There is something about the world of preaching that is hard to describe unless you are in that world. People often have ideas about preachers that are based on his public persona, and build this idea that he is some type of super-Christian.
Because of that perception, people often think of the preacher as standoffish or cold. To some, he is almost like a robot and they do not see what happens when he is not in the pulpit or in front of a classroom. To others, they figure he just can’t be “that good,” and assume he must be hypocritical.
Today, I would like to share 7 things you may not know about your preacher. Maybe seeing this list will help you appreciate him and know how to pray for him.
He Has Prayed for You. He may not express it, but he has prayed for you. He may seem almost unfeeling when you talk to him, but your name has gone before the throne of God in his prayers because he loves you.
In His Mind, He Has Never Preached an “A+” Sermon. Nearly without exception, a preacher is his own harshest critic. There is always the illustration he should have used, the word he mispronounced, the passage he misquoted, and so on. It is not that he thinks he is failing to preach the truth, but each time you may think he hit a home run, he has already started finding what needs to be improved upon.
He Struggles to Balance His Time. “He never visits.” Or “He’s never in his office.” Trust me, he thinks about that! Every day, he knows a sermon or class that needs to be studied or further developed. And every day, he knows that shut-in or widow that needs to be visited again. And every day, he struggles with how much of each to strive for.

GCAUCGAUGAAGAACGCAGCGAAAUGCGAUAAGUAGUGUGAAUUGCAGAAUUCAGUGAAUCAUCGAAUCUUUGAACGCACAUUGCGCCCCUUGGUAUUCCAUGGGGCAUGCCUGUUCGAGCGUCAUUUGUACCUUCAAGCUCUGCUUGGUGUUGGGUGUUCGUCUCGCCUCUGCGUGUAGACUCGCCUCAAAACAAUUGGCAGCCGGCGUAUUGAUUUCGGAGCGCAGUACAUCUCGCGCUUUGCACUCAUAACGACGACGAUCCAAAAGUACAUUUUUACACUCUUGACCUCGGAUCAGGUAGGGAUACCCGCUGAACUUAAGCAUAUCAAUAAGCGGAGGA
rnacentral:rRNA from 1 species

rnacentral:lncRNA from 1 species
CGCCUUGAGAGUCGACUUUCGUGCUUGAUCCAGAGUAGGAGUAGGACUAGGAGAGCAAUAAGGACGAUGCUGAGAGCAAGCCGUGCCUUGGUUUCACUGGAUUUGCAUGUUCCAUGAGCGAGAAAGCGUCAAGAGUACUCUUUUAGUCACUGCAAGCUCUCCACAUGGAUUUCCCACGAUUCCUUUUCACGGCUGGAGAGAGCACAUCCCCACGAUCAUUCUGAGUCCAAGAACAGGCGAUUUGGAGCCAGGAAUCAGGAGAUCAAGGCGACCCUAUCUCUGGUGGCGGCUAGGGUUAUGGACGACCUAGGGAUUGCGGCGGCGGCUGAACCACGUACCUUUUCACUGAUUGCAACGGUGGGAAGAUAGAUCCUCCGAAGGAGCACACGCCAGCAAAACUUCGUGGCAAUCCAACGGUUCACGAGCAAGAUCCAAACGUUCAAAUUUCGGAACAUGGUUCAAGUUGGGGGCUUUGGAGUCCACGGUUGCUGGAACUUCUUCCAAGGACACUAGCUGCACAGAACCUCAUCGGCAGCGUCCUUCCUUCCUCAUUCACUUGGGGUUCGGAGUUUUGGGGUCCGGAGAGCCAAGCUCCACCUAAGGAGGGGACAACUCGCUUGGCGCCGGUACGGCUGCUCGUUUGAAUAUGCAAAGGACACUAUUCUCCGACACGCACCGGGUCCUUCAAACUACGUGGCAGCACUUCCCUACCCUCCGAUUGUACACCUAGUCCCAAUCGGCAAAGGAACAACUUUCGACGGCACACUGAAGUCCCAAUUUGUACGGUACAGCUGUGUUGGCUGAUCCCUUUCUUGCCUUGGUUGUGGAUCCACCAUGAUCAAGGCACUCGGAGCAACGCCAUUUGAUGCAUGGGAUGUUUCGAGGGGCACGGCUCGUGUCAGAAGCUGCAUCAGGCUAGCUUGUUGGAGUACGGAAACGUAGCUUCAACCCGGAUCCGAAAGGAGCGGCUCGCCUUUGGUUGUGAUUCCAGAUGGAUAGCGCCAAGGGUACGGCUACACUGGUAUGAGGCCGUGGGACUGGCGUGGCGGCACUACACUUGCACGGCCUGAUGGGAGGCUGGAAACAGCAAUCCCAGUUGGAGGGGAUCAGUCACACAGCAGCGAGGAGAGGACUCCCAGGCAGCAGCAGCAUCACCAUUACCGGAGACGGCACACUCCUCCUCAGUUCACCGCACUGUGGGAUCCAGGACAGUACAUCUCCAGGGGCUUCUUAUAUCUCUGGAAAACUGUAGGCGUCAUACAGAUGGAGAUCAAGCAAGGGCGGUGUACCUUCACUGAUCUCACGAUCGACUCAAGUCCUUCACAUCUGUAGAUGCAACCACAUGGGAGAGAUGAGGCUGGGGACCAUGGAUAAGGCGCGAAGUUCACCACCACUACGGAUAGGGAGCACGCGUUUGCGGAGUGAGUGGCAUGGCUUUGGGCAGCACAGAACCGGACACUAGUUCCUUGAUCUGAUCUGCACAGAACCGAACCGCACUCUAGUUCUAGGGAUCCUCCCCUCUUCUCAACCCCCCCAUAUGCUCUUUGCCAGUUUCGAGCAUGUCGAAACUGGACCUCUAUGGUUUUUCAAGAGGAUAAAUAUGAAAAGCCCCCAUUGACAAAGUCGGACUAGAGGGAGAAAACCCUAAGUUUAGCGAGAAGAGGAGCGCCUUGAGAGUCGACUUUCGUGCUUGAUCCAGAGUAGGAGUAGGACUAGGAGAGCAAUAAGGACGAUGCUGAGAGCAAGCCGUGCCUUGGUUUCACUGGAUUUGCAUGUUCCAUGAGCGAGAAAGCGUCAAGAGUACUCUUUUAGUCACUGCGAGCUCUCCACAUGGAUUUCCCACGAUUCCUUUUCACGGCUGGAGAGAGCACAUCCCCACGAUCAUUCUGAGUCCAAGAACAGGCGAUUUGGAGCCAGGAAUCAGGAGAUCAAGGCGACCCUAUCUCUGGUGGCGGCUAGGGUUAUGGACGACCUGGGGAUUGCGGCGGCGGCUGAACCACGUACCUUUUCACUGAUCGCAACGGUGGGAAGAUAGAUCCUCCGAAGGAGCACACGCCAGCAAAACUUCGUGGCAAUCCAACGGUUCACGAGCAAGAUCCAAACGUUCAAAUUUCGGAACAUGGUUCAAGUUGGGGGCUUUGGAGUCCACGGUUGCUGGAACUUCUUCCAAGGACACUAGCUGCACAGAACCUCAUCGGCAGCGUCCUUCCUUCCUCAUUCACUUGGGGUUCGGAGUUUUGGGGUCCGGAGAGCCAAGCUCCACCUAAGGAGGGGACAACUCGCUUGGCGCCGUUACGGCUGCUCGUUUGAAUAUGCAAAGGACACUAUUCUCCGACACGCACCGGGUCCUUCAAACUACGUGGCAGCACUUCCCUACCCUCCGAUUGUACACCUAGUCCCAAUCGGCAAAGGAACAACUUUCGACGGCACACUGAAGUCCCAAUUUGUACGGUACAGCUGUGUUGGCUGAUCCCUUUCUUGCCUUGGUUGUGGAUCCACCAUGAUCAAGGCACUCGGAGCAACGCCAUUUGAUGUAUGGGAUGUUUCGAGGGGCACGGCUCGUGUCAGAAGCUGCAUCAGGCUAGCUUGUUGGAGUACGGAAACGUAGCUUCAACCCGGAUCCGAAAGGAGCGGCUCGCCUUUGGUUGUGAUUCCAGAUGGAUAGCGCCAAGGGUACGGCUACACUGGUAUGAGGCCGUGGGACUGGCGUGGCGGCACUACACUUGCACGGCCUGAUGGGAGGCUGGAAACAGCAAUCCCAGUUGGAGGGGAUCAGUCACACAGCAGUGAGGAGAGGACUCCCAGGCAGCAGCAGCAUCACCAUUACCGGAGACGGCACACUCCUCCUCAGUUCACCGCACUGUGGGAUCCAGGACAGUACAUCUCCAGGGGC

He Has Wept When No One Responded. It is not that he cries because he thinks the sermon was amazing or that he wants to boast about “the numbers.” It is because he has given his all in the study and delivery, only to see people get out their keys and be ready to leave before he is even finished, all the while knowing that there is someone who needs to come to the Lord.
He Knows Jeremiah 20:9 Very Well. I have told people that I think about quitting every Sunday night. Of course, I am kidding, but true ministry is draining, and there are days when you are not sure you can do it much longer. But that fire really is deep in the bones, and the prospect of being honored to preach the unsearchable riches of Christ again is too much to resist. It just has to be let out!
He Wonders Which Phone Call Will Change His Life. Think about it: every time his phone rings, it could be someone who has lost a loved one, who has had a spouse up and leave, or an elder telling him that there is some grumbling about his work. On the other side, each phone call could be the news that a new baby has been born, a young couple has decided to get married and wants him to help, or a prospect has decided to put Christ on in baptism. Each time the phone rings, it could literally change his life for the next few hours, or even days at a time.
He Cannot “Shut It Off.” True ministry consumes his life. Even when he finally takes that much-needed vacation with his family, his mind is regularly thinking about the sermon he will preach next Sunday or the visits he needs to make as soon as he returns. He is wondering if he should step away for a few moments to call and check on someone.
Each time I write a post like this, some take it as a type of “cry for help,” because something is wrong and I’m trying to subtly talk about something through an online article. That is not my intention at all! I love ministry and I love preaching!
But I do want people to understand the mindset of a preacher. The fact of the matter is, whether he is good at expressing it or not, he loves the Lord, he loves his work, and he loves you. But he also wants you to know that he isn’t a super-Christian; almost some type of folk hero.
He just is a man striving to do his best and his heart’s desire is for all others to do just that, too.
“Preach the word; be ready in season and out of season; reprove, rebuke, and exhort, with complete patience and teaching….do the work of an evangelist, fulfill your ministry” (2 Timothy 4:2, 5b)
AUTHOR: Adam Faughn
Photo background credit: Jake Guild on Creative Commons